B.C. doctors call for better access to 'special authority' drugs, including for diabetics

B.C. doctors say their patients with diabetes are being forced by Pharmacare to try older, cheaper and sometimes dangerous drugs before they can get coverage for newer, potentially life-saving medication. Christa Dao reports.

Two B.C. doctors are calling for greater access to a suite of potentially life-saving drugs that are only covered by public health care under certain circumstances.

Ozempic, billed as a revolutionary medication for Type 2 diabetics, for example, is on the province’s list of “special authority” medications. It is not regularly eligible for full coverage but may be approved by B.C.’s PharmaCare Special Authority team at the request of a patient’s physician.

In order to obtain that approval, however, a patient must first have exhausted a dual therapy of Metformin and insulin, or Metformin and sulfonylureas.

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“In other words, my clinical decision-making is not what determines the best treatment for you, it’s what PharmaCare deems appropriate — meaning what’s cheapest,” Dr. Ali Zentner, a specialist in internal medicine, diabetes and obesity, told Global News.

“In the province of British Columbia, you have to fail the older and less effective — and in this case, more dangerous medications — in order for a patient to get coverage for a newer drug.”

According to the Ministry of Health, special authority list drugs such as Ozempic, or devices such as glucose monitors are not automatically covered in B.C. because they may only work for certain patients, or “provide less value for money than other drug treatments or devices.”

Decisions on whether to provide coverage are also informed by the evidence-based recommendations of the independent BC Drug Benefit Council, which examines patient input, ethical considerations, and clinic and economic evidence, the ministry added.

“Those are decisions made by B.C. PharmaCare and their clinical teams. We’re looking obviously at the evidence,” said Health Minister Adrian Dix at the legislature on Tuesday.

“It’s the way the system works most efficiently, to put that in the direction of our clinical teams.”

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Ozempic, or semaglutide, is a weekly injection that, according to its website, helps the pancreas produce more insulin when blood sugar is high, helps prevent the liver from making or releasing too much sugar, and slows down food leaving the stomach.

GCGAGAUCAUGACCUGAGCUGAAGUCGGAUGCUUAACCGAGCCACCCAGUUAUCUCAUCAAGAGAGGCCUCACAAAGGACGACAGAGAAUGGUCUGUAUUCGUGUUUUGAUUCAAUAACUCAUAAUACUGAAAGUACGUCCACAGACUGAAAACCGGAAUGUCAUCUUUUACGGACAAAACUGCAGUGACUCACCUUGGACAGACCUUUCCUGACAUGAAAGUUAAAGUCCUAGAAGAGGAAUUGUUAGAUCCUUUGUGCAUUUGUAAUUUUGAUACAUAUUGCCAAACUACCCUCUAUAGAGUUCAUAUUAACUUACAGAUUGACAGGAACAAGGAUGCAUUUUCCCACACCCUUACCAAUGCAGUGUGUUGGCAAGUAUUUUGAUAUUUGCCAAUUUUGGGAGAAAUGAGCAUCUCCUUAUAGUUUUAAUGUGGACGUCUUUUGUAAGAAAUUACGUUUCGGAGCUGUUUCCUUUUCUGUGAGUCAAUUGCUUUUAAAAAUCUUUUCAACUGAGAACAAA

Vancouver patient Colin Taylor has been on the drug for about two years, and said it has helped lower his blood sugar and contributed to a weight loss of more than 50 pounds.

“It’s just a quick injection as opposed to having to take a tablet every morning and every evening,” he told Global News.

“It’s made me more active, it’s made me slimmer … it should be available for everybody.”

Dr. Tom Elliott, medical director for BCDiabetes, has about 3,000 patients with Type 2 diabetes, half of whom are on Ozempic. Of that half, about 30 per cent have extended medical coverage, he added.

“Fifteen hundred of my patients are left without the ability to pay for it because they don’t have the finances or they don’t have the coverage,” he said.

“I’m qualified to decide who should get it and who shouldn’t. What qualifies a pharmacist at PharmaCare to do that?”

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Elliott expressed concerns with one of the courses of treatment required by PharmaCare before Ozempic is considered, noting that glyburide — which falls under the sulfonylureas class of medicines — can have “dangerous” side effects, including hypoglycemia.

“I’m not willing to write a prescription for glyburide to satisfy PharmaCare’s conditions. The policy that they’ve embraced is a bad one,” he said.

“We now have classes of medication that are not just superior in terms of blood sugar-lowering effect, but have cardiovascular benefits and don’t cause hypoglycemia … why wouldn’t we be prescribing those agents first line?” added Zentner.

“Even when we follow their protocols, for example, I’m still getting refused.”

Zentner said the current system encourages physicians to either “fall in line” with a set of “archaic and inappropriate and dangerous guidelines,” or to lie by trying to show that a patient has indeed, exhausted one of PharmaCare’s required treatment courses first.

Dix said B.C. is reviewing the “clinical evidence” on whether Ozempic and other drugs should be eligible for first-line or second-line coverage in the province, and expects “some action soon.”

The Ministry of Health said it has a “rigorous and transparent” drug review process, and among Canadian provinces, provides “one of the most generous drug coverage programs.”

© 2022 Global News, a division of Corus Entertainment Inc.

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